Credit: Simone Staff
Ficker Cup Semi-finalists anounced
Jeffrey Petersen (USA), Nicole Breault (USA), Christopher Weis (USA) and Megan Thomson (NZL) have advanced to the semifinals in the Ficker Cup, after two days of double round robin racing: inching them closer to an invitation to next week’s Congressional Cup regatta.
In cool, blustery conditions nipping at the threshold for racing the Catalina 37s, eight competitors battled for position on Day Two of the Ficker Cup. Despite gusty winds that forced the crews to switch from genoas to jibs, Long Beach Yacht Club’s Race Committee pushed to complete the round robin series and start the semifinals.
Qualifying for the semis were Petersen, who remained undefeated after fourteen races, plus Weis and Breault both 9-5. Thomson snuck in on a tiebreaker over Peter Holz (USA) and Pearson Potts (USA). In the first matches of the semifinal stage Thomson beat Breault, and Petersen bested Weis. The semis will continue tomorrow Sunday April 16 and the winners will advance to the finals: with the top two teams qualifying for Congressional Cup racing, which begins Tuesday April 18.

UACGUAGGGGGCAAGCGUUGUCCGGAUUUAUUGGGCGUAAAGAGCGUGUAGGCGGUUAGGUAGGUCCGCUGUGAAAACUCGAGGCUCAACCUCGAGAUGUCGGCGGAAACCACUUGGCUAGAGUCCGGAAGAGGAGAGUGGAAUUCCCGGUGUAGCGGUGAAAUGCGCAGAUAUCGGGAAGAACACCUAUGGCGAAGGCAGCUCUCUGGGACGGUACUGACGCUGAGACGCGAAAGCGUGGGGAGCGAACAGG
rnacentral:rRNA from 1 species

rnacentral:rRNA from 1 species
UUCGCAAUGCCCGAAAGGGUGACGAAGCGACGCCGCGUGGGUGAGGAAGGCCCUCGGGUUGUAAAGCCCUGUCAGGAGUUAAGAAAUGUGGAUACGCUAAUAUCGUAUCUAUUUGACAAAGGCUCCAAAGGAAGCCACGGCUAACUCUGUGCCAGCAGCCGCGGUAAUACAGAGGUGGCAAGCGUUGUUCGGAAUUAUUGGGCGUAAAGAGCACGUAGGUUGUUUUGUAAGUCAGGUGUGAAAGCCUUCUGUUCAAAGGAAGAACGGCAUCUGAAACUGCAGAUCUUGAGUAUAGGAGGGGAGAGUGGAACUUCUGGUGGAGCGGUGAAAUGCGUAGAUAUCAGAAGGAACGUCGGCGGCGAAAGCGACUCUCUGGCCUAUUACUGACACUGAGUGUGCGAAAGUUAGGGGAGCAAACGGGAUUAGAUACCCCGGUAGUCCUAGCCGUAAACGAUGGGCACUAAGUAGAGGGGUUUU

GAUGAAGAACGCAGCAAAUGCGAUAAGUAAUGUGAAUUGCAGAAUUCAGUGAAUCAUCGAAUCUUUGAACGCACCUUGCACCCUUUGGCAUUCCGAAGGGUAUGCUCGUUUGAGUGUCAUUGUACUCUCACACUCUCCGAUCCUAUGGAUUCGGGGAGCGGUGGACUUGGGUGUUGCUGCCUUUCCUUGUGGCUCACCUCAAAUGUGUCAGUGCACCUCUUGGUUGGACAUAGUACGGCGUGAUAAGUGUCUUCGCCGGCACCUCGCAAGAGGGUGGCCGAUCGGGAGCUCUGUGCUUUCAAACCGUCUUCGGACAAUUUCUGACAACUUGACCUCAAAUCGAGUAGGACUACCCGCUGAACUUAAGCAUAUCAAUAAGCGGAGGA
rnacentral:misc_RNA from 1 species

Potts, whose team just missed the semis, pointed out his Rhode Island-based crew had until recently “been hibernating.” He noted, “We haven't sailed in a long time and had a lot of rust to shake off: I knew there was going to be a bit of a learning curve.” But Potts is a force off the water, as well as on. As Chair of the US Match Racing Committee he and a team of volunteers help organize events around the States and beyond, “trying to grow the sport of match racing and expand opportunities for sailors.”
Unlike fleet racing, match racing consists of two boats racing against each other in a one-on-one duel of skill and strategy. The basic objective is to be first of the pair across the finish line. Teams advance based on points won. The most well-known match racing event is the America's Cup.
“Match racing is an exciting aspect of the sport of sailing. I think a lot of people drop out of sailing after college, but this is a great way to stay in the sport,” Potts added. “For sailors who don't want to buy a boat yet or just want to sail at a higher level, match racing is a great pathway. I just love it, and having spent a lot of time sailing, chairing the committee is my way of giving back.”